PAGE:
Direct Economic Effects
Universities economically impact their communities through their spending for goods and services, and by the expenditures of their employees, students and visitors.
Employee Wages and Salaries
The wages received by university employees largely are spent at businesses in the local community, with taxes paid to local governments.
Institutional Expenditures on Goods and Services
Universities purchase a wide range of goods and services, many from local businesses.
Expenditures by Students and Parents
Students, even those living and eating on campus, make purchases at local businesses. Parents and other visitors to the university inject money into the local communitiy, much like tourists.
Benefits to Individuals and Society Through Educational Attainment
Universities improve the stock of human capital, which results in higher wages—of those who attended the universities and of other workers in the community. The heightened educational attainment results in other societal benefits, including enhancing the ability of the community to compete for economic development.
Individual Income Enhancements
Individual earnings are strongly related to educational attainment, with a large boost on average resulting from a university degree.
Spillovers to Other Workers
Empirical work in econometrics suggests that after controlling for differences in amenities and individual wages, an increase in the share of college graduates in the labor force leads to significant increases in productivity and wages for all workers. (See E. Moretti, "Estimating the Social Return to Higher Education: Evidence from Longitudinal and Repeated Cross-Sectional Data," Journal of Econometrics 121 (July/August 2004): 175-212.)
Nonmonetary Societal Benefits
Nonmonetary societal benefits in regions with high proportions of college graduates include lower crime rates, greater and more informed civic participation, and improved performance across a host of socioeconomic measures. Intergenerational social benefits may be very large as degree attainment today translates into higher probabilities of degree attainment in future generations.
Productivity is the efficiency with which goods or services are produced by a given set of inputs, such as capital and raw materials. Empirical evidence across long time periods and many economies reveals a strong correlation between economic growth/prosperity and the productivity of an economy. Educational attainment and productivity are highly related.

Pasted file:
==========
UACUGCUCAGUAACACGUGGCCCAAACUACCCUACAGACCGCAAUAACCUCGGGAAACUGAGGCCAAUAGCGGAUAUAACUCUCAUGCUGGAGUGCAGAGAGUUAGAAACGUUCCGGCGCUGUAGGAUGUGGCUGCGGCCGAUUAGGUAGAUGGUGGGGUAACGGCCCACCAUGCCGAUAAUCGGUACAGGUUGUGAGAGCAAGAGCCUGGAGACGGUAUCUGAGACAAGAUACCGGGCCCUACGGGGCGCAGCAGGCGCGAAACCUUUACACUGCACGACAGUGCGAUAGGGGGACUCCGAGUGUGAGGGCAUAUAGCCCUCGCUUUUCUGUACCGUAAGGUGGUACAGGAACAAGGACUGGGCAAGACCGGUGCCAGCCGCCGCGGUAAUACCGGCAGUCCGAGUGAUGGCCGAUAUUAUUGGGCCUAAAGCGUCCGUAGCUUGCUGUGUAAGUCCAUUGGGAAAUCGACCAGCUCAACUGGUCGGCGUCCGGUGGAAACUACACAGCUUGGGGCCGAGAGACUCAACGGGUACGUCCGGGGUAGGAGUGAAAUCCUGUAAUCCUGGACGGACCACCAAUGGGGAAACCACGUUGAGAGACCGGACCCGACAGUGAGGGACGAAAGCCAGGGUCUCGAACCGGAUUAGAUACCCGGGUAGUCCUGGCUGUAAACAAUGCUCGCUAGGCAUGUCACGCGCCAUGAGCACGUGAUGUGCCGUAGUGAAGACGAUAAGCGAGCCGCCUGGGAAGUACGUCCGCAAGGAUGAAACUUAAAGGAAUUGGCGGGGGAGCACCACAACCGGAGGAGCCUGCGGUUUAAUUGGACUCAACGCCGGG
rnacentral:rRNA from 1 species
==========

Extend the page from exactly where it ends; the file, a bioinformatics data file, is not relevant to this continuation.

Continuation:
The research activities of universities produce knowledge that advances science and technology and results in innovation. New products and processes are created. This too enhances the ability of the community to compete for economic development, particularly related to the knowledge economy. Increased funding from the federal government and other nonlocal sources also benefits the community.
Salter and Martin (See Salter, A. and B. Martin, "The Economic Benefits of Publicly Funded Basic Research: A Critical Review," Research Policy 30 (March 2001): 509-532) note six forms of benefits from publicly funded research:
- Increasing the stock of knowledge.
- Training skilled graduates.
- Creating new instrumentation and methodologies.
- Forming networks and stimulating social interaction.
- Increasing the capacity for scientific and technological problem solving.
- Creating new firms.
Innovation, Technology and Product Development
Innovations and technological advances enhance productivity and lead to new products in the marketplace.
Productivity is the efficiency with which goods or services are produced by a given set of inputs, such as capital and raw materials. Empirical evidence across long time periods and many economies reveals a strong correlation between economic growth/prosperity and the productivity of an economy. Innovation and technological advances are important drivers of enhanced productivity.
Universities contribute to higher incomes of individuals and the community as a whole, higher-quality jobs, enhanced economic development, and improvements in prosperity and quality of life.
All university activities contribute to increases in the overall income within a community, and more broadly, to the economic size of the community.
Prosperity and Quality of Life
Universities enhance prosperity (economic well-being) and quality of life (broader aspects of well-being, including social and environmental considerations) through its roles of educating individuals and creating knowledge.
Quality Job and Business Creation
Educational attainment enhances job quality of the individual achieving a university degree and of other workers, through spillover effects. A highly educated workforce helps attract quality employers. Knowledge creation has similar effects.